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  • Author: Roderick Kefferputz
  • Publication Date: 02-2010
  • Content Type: Policy Brief
  • Institution: Centre for European Policy Studies
  • Abstract: Climate change in the Arctic is expected to make the region a lot busier as new strategic resources become available. The Russian Federation is a key player in this context, having put forth a comprehensive Arctic strategy. Russian policy towards the so-called High North, however, is oftentimes not seen in its entirety and has received a plethora of criticism in the Western media and foreign policy community. This paper aims to contribute to a better understanding of Russian actions in the High North by providing a succinct overview of Russian policies in the region and identifying the fundamental rationale behind them. The paper concludes that Russia's Arctic policy is not only a lot more nuanced but also not very different from the policies conducted by other riparian states.
  • Topic: Climate Change, Energy Policy
  • Political Geography: Russia, Europe
  • Author: Andrew Macintosh
  • Publication Date: 11-2010
  • Content Type: Policy Brief
  • Institution: Centre for European Policy Studies
  • Abstract: Clearly the natural gas market is experiencing considerable change: a second Ukraine-Russia gas crisis, a collapse in the price of natural gas, a new European natural gas security of supply regulation and the mass production of natural gas from unconventional sources in the US as a result of technological advancements, which could yet have an impact on the EU. This Policy Brief is a summation of the European Union's vulnerability to natural gas supply security risks.
  • Topic: Security, Energy Policy
  • Political Geography: Russia, Europe, Ukraine
  • Author: Michael Emerson, Elena Gnedina
  • Publication Date: 01-2009
  • Content Type: Policy Brief
  • Institution: Centre for European Policy Studies
  • Abstract: The 2009 gas dispute between Ukraine and Russia has led to a severe drop in Russian gas supplies to some EU member states. The dispute has once again shown that the status quo is defective and unsustainable as a policy. This Policy Brief argues that – beyond ad hoc temporary measures, such as the monitoring by EU experts agreed on January 12th and the 2009-10 price agreement apparently reached on January 18th – the problem needs a comprehensive and robust solution. This would be a gas transit consortium, bringing all major stakeholders – Gazprom, Naftohaz, one or a few European energy companies, and the international financial institutions – to jointly manage the trans-Ukrainian trunk pipeline. The consortium agreement would be underwritten politic ally and legally by a tripartite treaty to be ratified by the EU, Russia and Ukraine. The consortium should be bound by European standards of transparency, corporate governance and accounting in order to tackle the major problem – the lack of trust – in the EU- Ukraine-Russia energy triangle.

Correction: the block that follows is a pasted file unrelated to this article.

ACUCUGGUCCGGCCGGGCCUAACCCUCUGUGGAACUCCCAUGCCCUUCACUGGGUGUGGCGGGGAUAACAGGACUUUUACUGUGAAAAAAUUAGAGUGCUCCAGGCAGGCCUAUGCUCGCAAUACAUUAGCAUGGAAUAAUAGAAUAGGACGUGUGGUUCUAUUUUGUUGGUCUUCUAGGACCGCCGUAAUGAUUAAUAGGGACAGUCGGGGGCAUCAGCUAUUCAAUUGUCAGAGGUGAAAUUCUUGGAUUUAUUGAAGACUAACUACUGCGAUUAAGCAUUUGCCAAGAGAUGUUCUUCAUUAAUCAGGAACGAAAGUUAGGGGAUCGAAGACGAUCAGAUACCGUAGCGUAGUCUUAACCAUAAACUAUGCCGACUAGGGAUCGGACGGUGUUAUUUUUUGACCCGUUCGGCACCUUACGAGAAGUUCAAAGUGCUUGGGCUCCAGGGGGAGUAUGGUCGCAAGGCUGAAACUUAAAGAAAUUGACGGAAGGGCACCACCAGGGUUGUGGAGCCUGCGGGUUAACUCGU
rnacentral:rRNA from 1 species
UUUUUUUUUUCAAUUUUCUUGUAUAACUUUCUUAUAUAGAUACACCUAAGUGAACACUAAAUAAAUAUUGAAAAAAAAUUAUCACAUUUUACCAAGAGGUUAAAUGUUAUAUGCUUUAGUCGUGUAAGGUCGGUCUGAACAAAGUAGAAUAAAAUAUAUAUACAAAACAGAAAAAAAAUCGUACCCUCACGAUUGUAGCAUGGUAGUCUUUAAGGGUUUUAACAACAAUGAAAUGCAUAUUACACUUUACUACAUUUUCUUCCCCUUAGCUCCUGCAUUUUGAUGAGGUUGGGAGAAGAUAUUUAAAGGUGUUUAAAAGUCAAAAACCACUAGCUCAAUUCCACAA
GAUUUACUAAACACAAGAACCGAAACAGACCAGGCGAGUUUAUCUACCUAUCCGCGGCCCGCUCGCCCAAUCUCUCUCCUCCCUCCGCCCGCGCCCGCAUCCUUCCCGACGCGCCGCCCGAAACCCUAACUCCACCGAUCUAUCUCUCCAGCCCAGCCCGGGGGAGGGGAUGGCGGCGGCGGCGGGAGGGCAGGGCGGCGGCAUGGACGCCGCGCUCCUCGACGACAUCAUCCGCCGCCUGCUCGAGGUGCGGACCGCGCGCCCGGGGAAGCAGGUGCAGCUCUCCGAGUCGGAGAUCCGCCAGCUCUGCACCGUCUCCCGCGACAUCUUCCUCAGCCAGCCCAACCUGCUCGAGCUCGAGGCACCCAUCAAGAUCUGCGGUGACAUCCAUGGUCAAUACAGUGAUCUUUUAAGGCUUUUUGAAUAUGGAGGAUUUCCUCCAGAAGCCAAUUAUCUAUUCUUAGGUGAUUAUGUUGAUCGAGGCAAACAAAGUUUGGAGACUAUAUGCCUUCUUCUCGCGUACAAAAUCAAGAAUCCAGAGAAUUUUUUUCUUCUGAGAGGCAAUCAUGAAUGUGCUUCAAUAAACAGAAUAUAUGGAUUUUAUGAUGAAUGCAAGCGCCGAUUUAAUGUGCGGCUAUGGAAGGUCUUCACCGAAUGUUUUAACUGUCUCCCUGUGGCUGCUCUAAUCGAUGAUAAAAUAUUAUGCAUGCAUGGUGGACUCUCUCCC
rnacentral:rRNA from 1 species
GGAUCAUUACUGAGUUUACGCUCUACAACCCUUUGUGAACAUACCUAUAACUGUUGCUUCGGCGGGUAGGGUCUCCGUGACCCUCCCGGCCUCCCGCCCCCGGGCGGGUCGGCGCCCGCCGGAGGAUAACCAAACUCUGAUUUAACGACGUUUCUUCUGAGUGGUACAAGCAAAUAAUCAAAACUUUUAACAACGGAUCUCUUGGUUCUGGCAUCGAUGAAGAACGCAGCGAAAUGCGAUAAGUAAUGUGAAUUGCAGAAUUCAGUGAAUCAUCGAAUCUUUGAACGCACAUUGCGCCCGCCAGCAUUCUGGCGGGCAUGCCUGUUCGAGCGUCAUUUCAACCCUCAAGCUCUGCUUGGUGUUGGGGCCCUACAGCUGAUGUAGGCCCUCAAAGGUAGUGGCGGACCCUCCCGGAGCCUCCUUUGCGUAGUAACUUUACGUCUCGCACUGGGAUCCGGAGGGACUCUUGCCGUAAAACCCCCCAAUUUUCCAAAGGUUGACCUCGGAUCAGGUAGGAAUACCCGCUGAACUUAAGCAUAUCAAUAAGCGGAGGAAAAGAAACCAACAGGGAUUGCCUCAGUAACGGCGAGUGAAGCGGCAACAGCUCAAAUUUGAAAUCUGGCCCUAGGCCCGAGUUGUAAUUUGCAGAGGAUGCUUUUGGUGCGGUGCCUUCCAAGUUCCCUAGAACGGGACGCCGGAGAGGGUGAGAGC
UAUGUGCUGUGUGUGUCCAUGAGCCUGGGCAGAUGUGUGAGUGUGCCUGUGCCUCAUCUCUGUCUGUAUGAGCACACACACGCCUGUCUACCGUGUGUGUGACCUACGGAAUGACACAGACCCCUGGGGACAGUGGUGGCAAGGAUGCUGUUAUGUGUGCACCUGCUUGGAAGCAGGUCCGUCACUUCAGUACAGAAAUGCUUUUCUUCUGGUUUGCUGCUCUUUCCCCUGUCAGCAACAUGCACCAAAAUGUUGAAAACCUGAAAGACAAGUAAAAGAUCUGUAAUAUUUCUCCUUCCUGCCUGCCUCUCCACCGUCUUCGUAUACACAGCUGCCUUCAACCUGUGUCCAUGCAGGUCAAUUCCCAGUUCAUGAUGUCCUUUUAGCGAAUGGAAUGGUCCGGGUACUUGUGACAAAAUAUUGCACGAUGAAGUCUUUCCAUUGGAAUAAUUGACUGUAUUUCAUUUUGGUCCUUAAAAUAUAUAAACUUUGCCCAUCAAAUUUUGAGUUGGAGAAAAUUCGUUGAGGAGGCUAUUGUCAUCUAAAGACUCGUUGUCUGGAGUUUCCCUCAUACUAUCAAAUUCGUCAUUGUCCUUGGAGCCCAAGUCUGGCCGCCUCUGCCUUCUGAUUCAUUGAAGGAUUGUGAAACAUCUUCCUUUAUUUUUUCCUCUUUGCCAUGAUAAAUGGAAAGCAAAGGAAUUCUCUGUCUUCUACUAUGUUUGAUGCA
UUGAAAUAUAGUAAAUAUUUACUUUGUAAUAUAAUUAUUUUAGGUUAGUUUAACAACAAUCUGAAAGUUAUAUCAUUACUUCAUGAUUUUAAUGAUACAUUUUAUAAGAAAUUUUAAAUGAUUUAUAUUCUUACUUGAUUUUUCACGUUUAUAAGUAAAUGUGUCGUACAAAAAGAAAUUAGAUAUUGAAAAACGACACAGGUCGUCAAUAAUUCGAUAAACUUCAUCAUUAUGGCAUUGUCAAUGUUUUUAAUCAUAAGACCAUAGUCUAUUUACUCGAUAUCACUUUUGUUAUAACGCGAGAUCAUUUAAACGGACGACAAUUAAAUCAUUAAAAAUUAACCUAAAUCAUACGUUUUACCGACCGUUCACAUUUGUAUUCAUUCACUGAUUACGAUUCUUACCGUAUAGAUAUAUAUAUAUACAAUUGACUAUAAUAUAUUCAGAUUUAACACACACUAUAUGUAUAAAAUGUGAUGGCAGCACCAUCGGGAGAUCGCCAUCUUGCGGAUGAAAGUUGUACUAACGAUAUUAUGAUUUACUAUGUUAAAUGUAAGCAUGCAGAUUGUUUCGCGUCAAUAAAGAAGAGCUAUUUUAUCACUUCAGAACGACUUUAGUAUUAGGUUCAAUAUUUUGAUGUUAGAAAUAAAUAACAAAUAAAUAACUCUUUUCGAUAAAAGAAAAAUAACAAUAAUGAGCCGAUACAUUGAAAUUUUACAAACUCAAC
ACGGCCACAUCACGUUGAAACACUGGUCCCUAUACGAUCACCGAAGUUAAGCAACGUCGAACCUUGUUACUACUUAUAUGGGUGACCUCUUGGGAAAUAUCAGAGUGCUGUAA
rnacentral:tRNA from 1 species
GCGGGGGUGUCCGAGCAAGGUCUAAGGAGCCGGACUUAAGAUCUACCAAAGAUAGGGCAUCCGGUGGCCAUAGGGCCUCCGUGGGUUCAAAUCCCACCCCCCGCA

• Topic: Economics, Energy Policy, Treaties and Agreements
  • Political Geography: Russia, Europe, Ukraine
  • Author: Hakim Darbouche
  • Publication Date: 03-2007
  • Content Type: Policy Brief
  • Institution: Centre for European Policy Studies
  • Abstract: President Abdelaziz Bouteflika's statement to Spain's El País1 that the idea of a 'gas-OPEC' should not a priori be excluded, adds to a series of twists, among which was Vladimir Putin's confirmation on 1 February that the idea of a gas cartel was an 'interesting one' worth considering further. Hitherto, this gas saga featured Russia, Algeria, the EU, NATO and Iran. The story revolves around Russian-Algerian mingling on gas matters, spurring European and Transatlantic concerns over the prospects of a 'gas OPEC'. At a time of increasing European dependence on foreign energy supplies, these developments have been interpreted as being part of a wider effort, led by Russia, to use energy as a lever to undermine European diplomacy. These allegations have been dismissed by Algeria and Russia, whose leaders insist that their cooperation is intended to optimise their benefits and those of their customers alike. This paper examines the underpinnings of these developments by assessing the likelihood of their culmination in a gas cartel and offers an insight into the potential policy choices behind them.
  • Topic: Economics, Energy Policy
  • Political Geography: Russia, Europe, Eastern Europe, Asia, Algeria
  • Author: Keith C. Smith
  • Publication Date: 01-2006
  • Content Type: Policy Brief
  • Institution: Centre for European Policy Studies
  • Abstract: Russia's tough stance towards Ukraine on natural gas prices was viewed by many in Europe and the United States as raising new issues concerning Russia's foreign economic policies and growing European and US dependency on energy imports. For many new EU member states and for countries such as Ukraine, Georgia, and Moldova, however, this is an old problem. Central European attempts to flag the issue in Western capitals have until now been brushed aside. The rapid approval by the EU Commission of the Russian-German undersea gas pipeline project was a mistake. The concerns of the Central Europeans should have been examined in more detail. Western governments would also be wise to analyse more closely the political and security implications of Russia's energy policies.
  • Topic: Security, Foreign Policy, Energy Policy
  • Political Geography: Russia, United States, Europe, Ukraine, Asia, Germany